A Texas inmate who is set to be put to death in less than two weeks asked that his execution be delayed so he can donate a kidney.
WikiLeaks founder Julian Assange has appealed against the British's government decision last month to order his extradition to the U.S.
Chinese President Xi Jinping on Friday defended his vision of the 'one country, two systems' framework against accusations by the U.S., U.K. and others that Beijing has undermined the freedoms and autonomy promised to Hong Kong for 50 years.
A Florida judge has refused to dismiss a lawsuit in which the parents of Gabby Petito claim that Brian Laundrie told his parents he had killed her before he returned home alone from their western trip.
Prime Minister Justin Trudeau is calling on Canadians to recommit to the country’s values, including respect, hope and kindness, in his official Canada Day message.
Gov. Gen. Mary Simon says Canadians should work together to build an inclusive society in her official message to the nation to mark Canada Day.
Conservative leadership candidate Pierre Poilievre joined the final leg of a march led by a Canadian soldier charged for speaking out against COVID-19 vaccine requirements that has sparked promises -- and fears -- of a new wave of protests in the capital.
Infection with HIV can accelerate aging within the first two to three years of infection, study says
Living with HIV may have an immediate effect on how your body ages, according to new research which showed that cellular aging was sped up within two to three years of infection.
The World Health Organization's Europe chief warned Friday that monkeypox cases in the region have tripled in the last two weeks and urged countries to do more to ensure the previously rare disease does not become entrenched on the continent.
Germany and Nigeria on Friday signed an agreement paving the way for the return of hundreds of artifacts known as the Benin Bronzes that were taken from Africa more than 120 years ago -- an accord that Nigerian officials hope will prompt other countries to follow suit.
A pair of orcas drove great white sharks away from a stretch of South African coast after killing five sharks over just a few months in 2017, according to a new study.
The TBone study, conducted over a seven-year period starting in 2015, found that prolonged weightlessness accelerated bone loss in the astronauts.
Canadian rock legend Randy Bachman's long search came to an end Friday when he was reunited in Tokyo with a cherished guitar 45 years after it was stolen from a Toronto hotel.
R. Kelly has been placed on suicide watch at the federal detention facility in New York where he is being held after he was sentenced this week to 30 years in prison on racketeering and sex trafficking charges, his lawyer said Friday.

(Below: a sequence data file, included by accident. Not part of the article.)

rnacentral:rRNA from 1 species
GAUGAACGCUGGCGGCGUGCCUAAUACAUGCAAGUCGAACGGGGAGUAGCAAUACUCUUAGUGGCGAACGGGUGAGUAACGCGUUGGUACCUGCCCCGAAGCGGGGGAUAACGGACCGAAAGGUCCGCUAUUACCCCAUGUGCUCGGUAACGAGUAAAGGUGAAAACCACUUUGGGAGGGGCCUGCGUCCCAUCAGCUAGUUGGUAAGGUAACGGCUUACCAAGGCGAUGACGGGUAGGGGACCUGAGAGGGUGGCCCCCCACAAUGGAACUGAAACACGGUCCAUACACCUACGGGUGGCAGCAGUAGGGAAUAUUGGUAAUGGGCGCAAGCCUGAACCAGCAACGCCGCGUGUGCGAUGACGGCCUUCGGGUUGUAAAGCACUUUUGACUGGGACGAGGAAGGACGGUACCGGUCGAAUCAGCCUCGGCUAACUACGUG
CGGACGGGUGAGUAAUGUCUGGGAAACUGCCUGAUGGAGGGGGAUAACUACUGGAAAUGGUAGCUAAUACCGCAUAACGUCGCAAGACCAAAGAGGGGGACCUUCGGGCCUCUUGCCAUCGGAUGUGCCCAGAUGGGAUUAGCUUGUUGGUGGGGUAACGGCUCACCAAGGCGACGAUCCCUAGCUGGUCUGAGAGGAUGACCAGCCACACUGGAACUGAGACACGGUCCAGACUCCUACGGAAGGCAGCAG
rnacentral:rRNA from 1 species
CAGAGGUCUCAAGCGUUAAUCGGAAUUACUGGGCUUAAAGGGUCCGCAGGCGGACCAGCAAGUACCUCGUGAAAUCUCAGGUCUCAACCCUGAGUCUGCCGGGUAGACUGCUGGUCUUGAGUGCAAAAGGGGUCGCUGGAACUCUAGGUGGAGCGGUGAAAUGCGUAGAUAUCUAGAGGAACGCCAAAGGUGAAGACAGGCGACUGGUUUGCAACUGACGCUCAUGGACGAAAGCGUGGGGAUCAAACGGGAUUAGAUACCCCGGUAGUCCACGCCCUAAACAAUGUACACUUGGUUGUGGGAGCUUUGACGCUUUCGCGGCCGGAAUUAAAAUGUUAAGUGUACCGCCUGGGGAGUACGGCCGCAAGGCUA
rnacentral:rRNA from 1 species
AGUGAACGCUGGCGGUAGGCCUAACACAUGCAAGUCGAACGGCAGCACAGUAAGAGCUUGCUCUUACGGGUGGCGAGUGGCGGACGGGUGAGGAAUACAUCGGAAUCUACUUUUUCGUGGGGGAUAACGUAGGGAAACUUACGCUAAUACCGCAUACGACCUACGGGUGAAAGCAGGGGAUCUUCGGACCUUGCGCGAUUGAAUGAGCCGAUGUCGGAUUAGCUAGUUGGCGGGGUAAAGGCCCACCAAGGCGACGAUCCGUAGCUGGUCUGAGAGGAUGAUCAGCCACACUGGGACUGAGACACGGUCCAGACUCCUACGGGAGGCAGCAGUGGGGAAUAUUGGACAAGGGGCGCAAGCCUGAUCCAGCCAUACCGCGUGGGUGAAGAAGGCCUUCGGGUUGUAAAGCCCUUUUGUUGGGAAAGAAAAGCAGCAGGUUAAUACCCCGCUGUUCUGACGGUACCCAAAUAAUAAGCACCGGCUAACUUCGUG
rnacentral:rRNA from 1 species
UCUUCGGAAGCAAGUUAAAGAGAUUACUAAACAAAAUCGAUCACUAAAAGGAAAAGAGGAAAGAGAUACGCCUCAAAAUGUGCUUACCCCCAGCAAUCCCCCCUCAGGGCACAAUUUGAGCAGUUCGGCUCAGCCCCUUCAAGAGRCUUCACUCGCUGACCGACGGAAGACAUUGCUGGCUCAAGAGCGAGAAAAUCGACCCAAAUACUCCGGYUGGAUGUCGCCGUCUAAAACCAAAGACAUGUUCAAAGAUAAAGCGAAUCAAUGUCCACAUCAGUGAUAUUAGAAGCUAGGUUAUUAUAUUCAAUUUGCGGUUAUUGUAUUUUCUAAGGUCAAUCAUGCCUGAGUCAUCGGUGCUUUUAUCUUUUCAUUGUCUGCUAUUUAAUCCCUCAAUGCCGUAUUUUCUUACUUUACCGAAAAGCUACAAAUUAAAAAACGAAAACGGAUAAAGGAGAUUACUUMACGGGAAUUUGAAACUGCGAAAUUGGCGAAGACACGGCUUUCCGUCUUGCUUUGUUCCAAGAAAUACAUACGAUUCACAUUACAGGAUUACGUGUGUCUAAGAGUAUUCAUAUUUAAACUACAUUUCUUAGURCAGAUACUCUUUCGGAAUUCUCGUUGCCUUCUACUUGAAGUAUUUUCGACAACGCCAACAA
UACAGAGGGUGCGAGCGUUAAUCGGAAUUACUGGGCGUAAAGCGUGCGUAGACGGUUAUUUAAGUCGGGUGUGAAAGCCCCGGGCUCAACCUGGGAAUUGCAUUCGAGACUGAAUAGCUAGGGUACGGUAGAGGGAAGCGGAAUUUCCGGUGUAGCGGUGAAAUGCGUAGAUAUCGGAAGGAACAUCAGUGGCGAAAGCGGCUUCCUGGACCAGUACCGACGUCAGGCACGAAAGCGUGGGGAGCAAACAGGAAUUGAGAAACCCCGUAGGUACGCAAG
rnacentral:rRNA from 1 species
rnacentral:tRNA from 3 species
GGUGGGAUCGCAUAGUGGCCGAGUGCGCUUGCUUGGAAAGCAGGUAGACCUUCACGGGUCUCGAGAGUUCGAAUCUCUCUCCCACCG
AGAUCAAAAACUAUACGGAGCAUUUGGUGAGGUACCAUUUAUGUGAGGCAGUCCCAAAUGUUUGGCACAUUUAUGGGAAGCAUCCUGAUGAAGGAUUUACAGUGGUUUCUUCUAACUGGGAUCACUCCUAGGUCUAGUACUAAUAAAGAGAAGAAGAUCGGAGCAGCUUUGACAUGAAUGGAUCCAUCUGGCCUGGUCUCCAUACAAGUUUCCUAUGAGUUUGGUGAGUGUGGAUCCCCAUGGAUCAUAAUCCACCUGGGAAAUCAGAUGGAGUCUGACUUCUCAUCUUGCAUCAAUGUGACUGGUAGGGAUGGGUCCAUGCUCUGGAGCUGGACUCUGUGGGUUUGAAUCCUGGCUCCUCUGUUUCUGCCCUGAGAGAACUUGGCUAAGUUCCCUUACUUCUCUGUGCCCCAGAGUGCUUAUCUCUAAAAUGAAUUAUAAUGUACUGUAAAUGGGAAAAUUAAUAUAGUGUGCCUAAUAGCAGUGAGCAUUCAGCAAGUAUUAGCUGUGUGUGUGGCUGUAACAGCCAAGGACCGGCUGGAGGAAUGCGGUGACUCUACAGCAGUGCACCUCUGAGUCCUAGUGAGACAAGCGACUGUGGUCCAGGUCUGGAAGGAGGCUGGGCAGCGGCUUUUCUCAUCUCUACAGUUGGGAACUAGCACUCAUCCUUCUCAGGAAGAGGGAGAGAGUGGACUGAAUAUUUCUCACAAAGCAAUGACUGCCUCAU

The July Fourth holiday weekend is off to a booming start with airport crowds crushing the numbers seen in America in 2019, before the pandemic.
Airport workers went on strike at Paris' main international airport Roissy-Charles de Gaulle on Friday, forcing the cancellation of about 10 per cent of flights and bringing more disruption to early summer travel.
President Vladimir Putin has raised the stakes in an economic war with the West and its allies with a decree that seizes full control of the Sakhalin-2 gas and oil project in Russia's far east, a move that could force out Shell and Japanese investors.
A rare portrait of Diana, Princess of Wales, will be on public display for the first time after it was recently sold for US$201,600 at auction.
Starting in January, Venice will oblige day-trippers to make reservations and pay a fee to visit the historic lagoon city, in a bid to better manage visitors who often far outnumber residents in the historic centre, clogging narrow streets and heavily-used foot bridges crossing the canals.
The Canada Day long weekend is the perfect time for burgers on the grill, cold drinks and time with family and friends. Yet a backyard barbecue comes with a bigger price tag this year as food prices soared 9.7 per cent in May.
American basketball star Brittney Griner went on trial Friday, 4 1/2 months after her arrest on charges of possessing cannabis oil while returning to play for a Russian team, in a case that has unfolded amid tense relations between Moscow and Washington.
More video in Brazilian media shows retired Formula One champion Nelson Piquet using homophobic language and more racial slurs about Lewis Hamilton.
Belgian rider Yves Lampaert won the Tour de France opening stage while two-time defending champion Tadej Pogacar finished third on Friday.
Former Formula One supremo Bernie Ecclestone drew condemnation on Thursday after the 91-year-old defended Russian President Vladimir Putin in a television interview as a 'first class person' he would 'take a bullet' for.
Ontario gas prices are about to take a huge drop and one expert says it will be 'well worth waiting' if drivers can hold off on filling up.
The car experts at Edmunds compare and contrast two electric newcomers - 2022 Mercedes-Benz EQS and the 2022 Audi e-tron GT- to help you decide which premium battery-powered four-door is right for you.